Rouhani Says Iran Rejects Threats, Cites Red Lines in Nuclear Talks
Geneva – President Hassan Rouhani, architect of Iran’s diplomatic opening to big powers, said on Sunday it would not yield to any threats or discrimination in an apparent bid to keep hardliners on side as Tehran edges toward a deal on its nuclear program. He was speaking to the Iranian parliament, a bastion of conservatives, a day after the Islamic Republic and the six powers narrowed differences at talks in Geneva and decided to resume them on November 20 to try to defuse a decade-old stand-off and fears of a drift towards a new Middle East war.
The sides seemed on the verge of a breakthrough before cracks materialized among U.S. and European allies as France declined to endorse the proposal under discussion, believing it did not adequately neutralize the risk of an Iranian atom bomb. French Foreign Minister Laurent Fabius told France Inter radio that Paris desired a nuclear settlement with Iran but could not accept a “fool’s game” – in other words, a weak deal.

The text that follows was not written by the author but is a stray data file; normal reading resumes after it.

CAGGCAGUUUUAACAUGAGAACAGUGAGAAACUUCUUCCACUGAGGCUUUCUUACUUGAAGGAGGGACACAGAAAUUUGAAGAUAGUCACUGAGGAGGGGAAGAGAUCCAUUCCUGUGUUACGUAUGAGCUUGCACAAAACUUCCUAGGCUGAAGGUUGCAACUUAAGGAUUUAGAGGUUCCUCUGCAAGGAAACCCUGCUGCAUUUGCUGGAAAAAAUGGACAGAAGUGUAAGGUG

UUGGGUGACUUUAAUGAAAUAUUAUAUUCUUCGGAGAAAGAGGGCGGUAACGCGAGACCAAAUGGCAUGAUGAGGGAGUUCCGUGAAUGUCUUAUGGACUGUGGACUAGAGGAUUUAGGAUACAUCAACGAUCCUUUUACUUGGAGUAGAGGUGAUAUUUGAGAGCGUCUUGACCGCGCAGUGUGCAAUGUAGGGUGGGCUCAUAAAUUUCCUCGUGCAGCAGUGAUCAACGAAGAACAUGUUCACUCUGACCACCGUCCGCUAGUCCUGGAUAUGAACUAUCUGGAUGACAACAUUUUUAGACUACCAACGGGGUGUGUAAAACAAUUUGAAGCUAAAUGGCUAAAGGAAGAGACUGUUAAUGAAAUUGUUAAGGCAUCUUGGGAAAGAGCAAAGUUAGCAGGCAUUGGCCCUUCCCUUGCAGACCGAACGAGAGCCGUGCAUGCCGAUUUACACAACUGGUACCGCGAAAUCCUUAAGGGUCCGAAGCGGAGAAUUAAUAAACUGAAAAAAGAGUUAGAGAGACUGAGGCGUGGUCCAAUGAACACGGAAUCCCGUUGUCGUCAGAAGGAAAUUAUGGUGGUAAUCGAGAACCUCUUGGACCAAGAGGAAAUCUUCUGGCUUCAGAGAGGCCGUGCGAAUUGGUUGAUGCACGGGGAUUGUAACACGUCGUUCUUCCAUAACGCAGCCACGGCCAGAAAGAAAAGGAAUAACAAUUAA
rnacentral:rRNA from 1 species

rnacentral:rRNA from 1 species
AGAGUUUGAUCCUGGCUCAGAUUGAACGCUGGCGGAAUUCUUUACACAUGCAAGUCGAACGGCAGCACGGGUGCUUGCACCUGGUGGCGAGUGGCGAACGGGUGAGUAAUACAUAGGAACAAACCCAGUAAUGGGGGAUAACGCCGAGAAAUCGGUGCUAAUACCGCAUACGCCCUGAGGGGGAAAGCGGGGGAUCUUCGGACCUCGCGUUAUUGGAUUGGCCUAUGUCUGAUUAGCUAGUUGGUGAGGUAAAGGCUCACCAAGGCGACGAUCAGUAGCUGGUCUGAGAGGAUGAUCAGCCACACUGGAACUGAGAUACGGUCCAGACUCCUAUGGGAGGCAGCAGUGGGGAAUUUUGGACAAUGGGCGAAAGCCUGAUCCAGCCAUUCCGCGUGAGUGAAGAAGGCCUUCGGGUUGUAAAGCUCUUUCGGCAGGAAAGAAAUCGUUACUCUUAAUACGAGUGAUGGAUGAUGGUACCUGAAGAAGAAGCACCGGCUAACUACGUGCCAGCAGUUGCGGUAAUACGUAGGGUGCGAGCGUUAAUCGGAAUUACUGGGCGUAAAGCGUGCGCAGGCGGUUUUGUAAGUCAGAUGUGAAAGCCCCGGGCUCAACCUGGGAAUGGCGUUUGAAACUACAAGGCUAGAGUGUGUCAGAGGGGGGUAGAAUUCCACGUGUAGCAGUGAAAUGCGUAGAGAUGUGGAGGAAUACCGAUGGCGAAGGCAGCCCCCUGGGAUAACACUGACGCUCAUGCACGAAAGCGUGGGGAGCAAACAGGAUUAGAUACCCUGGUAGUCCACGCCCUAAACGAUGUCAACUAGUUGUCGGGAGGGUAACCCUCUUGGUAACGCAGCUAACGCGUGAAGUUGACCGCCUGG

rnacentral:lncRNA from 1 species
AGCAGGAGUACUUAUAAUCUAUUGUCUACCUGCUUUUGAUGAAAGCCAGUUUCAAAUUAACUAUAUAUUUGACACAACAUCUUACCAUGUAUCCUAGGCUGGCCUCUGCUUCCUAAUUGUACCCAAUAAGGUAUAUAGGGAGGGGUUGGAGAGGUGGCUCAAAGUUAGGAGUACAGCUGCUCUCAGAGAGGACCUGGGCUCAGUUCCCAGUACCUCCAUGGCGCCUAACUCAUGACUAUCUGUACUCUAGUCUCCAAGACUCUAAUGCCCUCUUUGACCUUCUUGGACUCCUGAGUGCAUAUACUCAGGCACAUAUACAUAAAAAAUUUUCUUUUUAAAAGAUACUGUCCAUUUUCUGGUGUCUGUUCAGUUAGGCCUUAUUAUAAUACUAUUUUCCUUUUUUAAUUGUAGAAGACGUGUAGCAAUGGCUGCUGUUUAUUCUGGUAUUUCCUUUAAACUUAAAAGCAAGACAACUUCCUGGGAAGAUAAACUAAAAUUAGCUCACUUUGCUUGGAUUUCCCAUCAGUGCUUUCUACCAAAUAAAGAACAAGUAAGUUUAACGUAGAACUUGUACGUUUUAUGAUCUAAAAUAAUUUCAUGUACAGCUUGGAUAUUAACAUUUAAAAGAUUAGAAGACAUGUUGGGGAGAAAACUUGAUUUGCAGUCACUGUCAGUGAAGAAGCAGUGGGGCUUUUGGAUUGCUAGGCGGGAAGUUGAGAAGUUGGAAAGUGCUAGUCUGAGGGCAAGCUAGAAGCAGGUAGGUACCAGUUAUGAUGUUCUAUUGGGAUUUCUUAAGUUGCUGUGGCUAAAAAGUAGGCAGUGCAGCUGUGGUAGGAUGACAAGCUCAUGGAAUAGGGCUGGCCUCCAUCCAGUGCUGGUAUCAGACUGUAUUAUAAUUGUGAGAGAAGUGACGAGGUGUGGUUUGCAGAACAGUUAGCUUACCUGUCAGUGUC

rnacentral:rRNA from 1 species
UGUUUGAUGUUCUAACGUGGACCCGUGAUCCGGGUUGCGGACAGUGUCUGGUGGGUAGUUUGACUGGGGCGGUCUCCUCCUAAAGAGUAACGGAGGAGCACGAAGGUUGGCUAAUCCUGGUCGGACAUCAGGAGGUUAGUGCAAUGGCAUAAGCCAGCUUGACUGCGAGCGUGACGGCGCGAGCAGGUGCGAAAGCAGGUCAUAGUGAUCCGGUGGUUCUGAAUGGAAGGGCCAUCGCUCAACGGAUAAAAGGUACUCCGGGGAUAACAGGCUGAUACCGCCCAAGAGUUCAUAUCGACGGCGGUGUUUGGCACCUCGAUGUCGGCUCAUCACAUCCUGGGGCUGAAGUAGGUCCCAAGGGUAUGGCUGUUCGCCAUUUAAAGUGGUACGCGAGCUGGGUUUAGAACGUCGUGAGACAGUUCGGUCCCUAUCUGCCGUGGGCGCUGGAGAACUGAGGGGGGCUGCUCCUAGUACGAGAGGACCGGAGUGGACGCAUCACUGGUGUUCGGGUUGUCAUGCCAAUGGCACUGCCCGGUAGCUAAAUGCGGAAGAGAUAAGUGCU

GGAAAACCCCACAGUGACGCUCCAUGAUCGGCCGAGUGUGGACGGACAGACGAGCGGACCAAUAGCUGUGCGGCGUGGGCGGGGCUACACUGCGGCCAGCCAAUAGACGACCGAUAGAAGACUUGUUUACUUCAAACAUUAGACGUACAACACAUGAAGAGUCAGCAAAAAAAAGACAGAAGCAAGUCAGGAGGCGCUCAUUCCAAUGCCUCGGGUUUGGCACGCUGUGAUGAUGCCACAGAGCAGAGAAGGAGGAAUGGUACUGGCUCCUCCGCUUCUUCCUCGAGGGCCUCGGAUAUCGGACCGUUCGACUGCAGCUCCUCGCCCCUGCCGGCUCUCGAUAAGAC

Rouhani told the Iranian parliament that his negotiators had told their big power interlocutors in Geneva, “We will not answer to any threat, sanction, humiliation or discrimination.” He did not elaborate on his reference to threats against Iran, but Netanyahu’s condemnation of the talks loomed large, as did the ideological resistance of Iranian conservatives to any mending of fences with the West.
By “discrimination” and “humiliation”, he may have been alluding to pressure from hawks in the West for Iran to scrap its entire nuclear program, which Tehran says is wholly peaceful in nature. “The Islamic Republic has not and will not bow its head to threats from any authority,” Rouhani said. “For us there are red lines that cannot be crossed. National interests are our red lines that include our rights under the framework of international regulations and (uranium) enrichment in Iran.” (Reuters)